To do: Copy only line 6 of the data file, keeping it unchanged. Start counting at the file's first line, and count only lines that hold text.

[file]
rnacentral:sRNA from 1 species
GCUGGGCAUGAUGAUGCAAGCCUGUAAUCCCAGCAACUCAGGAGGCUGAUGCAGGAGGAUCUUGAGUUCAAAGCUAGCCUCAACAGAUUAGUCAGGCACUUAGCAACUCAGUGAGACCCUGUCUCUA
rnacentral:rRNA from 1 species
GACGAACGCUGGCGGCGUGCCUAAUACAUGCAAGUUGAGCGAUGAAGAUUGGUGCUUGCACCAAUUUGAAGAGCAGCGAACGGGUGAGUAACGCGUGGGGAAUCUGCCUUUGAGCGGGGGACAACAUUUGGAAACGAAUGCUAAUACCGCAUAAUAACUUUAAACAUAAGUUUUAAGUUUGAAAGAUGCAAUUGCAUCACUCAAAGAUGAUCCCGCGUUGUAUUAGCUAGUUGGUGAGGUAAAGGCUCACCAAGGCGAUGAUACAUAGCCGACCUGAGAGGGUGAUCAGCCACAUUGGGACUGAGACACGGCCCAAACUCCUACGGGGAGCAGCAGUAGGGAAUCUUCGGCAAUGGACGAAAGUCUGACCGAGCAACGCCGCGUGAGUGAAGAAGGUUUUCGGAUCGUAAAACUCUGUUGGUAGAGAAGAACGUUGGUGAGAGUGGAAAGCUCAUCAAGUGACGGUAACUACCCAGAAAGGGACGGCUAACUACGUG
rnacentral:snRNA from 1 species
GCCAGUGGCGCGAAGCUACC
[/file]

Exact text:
GCCAGUGGCGCGAAGCUACC